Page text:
The measures of the invention can be implemented with both purely software-based measures and suitable special hardware. The advantage of the hardware-based solution is that considerable time advantages can be attained particularly through operations that are performed simultaneously in assemblies disposed in parallel.

Wherever "assemblies" are discussed below, they may also be functional groups, for example in the form of electrical circuits. It is also possible that one and the same assembly or functional group consecutively performs different operations, as is generally the case in processor technology. As explained, however, speed advantages can be attained especially when functional groups are active adjacently and in parallel.

Within the scope of the measures of the invention for representing objects within the framework of image processing, the individual polygon surfaces are preferably divided into a plurality of parallel, equidistant scanlines in which the pixels are in turn disposed equidistantly.

The polygon surface is divided by the first assembly or functional group of a calculation unit, which receives at its input a parameter set representing the spatial position of the polygon surface, and which outputs a plurality of coordinate sets at its output, the sets representing the spatial position of a respective pixel.

A relief value that defines the relief structure is then determined for each pixel as a function of the position of the pixel within the polygon surface.

In this connection, it is important that the relief value is solely dependent on the position of the pixel within the polygon surface, not the global position of the pixel or the spatial position of the polygon surface. This is necessary, because otherwise the relief structure appearing on the polygon surface would "migrate" on the surface during a movement of the polygon.

Therefore, a storage matrix--also referred to hereinafter as relief matrix--is provided, which contains the inclination values of the local surface normal that result from the course of the surface for a predetermined relief structure. Each element of the storage matrix is therefore associated with a point of the relief structure, and contains an inclination value for this point of the relief structure. For example, the inclination vector can be stored as an inclination value, that is, the vector that must be added to the local surface normal of the smooth surface in order to create the impression of the relief structure. It is also possible to store a rotation matrix as an inclination value, with the matrix defining the rotation of the local surface normal. This is particularly advantageous, because the length of the local surface normal is not changed by a rotation.

In this connection, it is important that the relief structure itself is not stored as a relief in the relief matrix, but the inclination of the local surface normal resulting from the course of the surface is stored. The local surface normal that is inclined because of the relief structure can therefore be calculated advantageously quickly and with little calculation effort.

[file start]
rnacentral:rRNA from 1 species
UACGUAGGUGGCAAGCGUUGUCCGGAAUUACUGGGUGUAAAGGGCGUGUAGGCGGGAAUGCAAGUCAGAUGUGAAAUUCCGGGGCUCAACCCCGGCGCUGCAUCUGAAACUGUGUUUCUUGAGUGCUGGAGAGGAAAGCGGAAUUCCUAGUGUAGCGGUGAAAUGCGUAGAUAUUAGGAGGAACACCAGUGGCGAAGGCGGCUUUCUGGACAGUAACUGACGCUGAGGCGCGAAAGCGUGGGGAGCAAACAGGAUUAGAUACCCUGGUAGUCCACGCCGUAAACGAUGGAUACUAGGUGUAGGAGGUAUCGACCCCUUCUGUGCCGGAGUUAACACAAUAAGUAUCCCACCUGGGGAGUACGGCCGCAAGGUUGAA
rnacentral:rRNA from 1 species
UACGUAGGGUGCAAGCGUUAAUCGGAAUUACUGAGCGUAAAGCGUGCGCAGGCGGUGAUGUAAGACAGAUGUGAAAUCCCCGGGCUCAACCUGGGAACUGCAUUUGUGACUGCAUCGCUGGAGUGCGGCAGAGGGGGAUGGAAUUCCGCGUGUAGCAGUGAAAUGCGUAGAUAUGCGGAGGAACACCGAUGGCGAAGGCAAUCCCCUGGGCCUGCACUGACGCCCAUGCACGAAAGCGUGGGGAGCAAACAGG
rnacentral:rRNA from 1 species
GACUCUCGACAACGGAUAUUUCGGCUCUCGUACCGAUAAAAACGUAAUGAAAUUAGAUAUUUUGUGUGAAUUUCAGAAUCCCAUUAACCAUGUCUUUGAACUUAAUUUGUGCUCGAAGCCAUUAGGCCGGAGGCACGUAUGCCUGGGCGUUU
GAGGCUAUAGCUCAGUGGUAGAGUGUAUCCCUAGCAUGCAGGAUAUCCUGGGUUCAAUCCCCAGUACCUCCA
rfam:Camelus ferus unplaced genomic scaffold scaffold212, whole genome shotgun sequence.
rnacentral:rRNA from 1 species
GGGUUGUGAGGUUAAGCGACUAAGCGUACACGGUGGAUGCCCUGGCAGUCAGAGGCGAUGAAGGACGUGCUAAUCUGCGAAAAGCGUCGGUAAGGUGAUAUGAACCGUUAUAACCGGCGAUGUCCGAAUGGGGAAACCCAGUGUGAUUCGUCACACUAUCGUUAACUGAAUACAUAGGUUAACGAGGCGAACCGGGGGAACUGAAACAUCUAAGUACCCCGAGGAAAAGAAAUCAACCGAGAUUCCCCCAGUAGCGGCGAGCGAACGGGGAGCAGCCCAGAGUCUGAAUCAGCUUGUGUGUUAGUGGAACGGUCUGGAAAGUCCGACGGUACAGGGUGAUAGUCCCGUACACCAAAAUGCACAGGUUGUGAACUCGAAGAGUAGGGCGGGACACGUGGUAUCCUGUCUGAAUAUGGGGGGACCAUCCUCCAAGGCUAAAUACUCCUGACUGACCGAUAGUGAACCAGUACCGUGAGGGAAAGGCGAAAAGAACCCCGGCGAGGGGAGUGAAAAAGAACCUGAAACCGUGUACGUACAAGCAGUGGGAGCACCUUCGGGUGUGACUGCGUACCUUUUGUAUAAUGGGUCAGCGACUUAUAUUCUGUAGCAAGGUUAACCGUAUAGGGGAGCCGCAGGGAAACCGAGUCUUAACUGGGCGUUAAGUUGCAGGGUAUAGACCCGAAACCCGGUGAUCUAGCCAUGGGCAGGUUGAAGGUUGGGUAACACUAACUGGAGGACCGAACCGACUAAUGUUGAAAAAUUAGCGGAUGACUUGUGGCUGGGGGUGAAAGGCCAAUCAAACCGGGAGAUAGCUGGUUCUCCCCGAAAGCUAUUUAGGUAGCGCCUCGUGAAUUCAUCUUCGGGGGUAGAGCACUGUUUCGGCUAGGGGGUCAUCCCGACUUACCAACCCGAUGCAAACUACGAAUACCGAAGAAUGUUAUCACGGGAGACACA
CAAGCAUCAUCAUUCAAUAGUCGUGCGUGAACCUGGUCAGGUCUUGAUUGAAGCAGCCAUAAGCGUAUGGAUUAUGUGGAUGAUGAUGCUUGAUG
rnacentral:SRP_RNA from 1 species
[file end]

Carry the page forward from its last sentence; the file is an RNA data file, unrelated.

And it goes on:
For each pixel, an inclination value that represents the inclination of the local surface of this pixel that has been caused by the relief structure is read out. The storage matrix is therefore addressed by the coordinate set of the respective pixel.

In a preferred embodiment of the invention, therefore, for each position of a polygon, a transformation matrix M is calculated that transforms the spatial coordinates (xi, yi, zi) of the pixels into a two-dimensional coordinate system (U,V): ##EQU1##

The U, V value pair serves in addressing the relief matrix from which the relief value of the pixel is then read out. In this connection, it is important that the transformation matrix M be calculated individually for each polygon, or each position of a polygon, so that the same element of the relief matrix, and therefore the same relief value, is always associated with each pixel independently of the spatial position of the polygon.

The transformation matrix M is calculated, for example, from the spatial coordinates of the corner points of the polygon surface. If the polygon surface is a triangle, for example, then the spatial coordinates (xi, yi, zi) of the three corner points P1, P2, P3 of the triangle are known. As explained above, the mapping of the three-dimensional coordinate system into the U, V coordinate system must be independent of the position of the polygon surface so that the relief structure simulated on the polygon surface does not migrate within the polygon surface when the surface moves. This can be achieved, for example, by mapping the corner points Pi of a polygon surface onto certain points P'i in the U, V coordinate system, independently of the position of the polygon surface. The points P'i are first predetermined arbitrarily. If a triangle is observed as the polygon surface, the following applies for the mapping of the three corner points Pi (xi yi zi) of the triangle of the three-dimensional X, Y, Z coordinate system into the U, V coordinate system. ##EQU2##

Because the points P'i (ui, vi) are predetermined arbitrarily, an equation system having six linearly independent equations is known. From this system, the six elements Mij of the transformation matrix can be calculated in a simple manner, for example with the use of Cramer's Rule. The transformation matrix M is therefore usually calculated once for each polygon surface.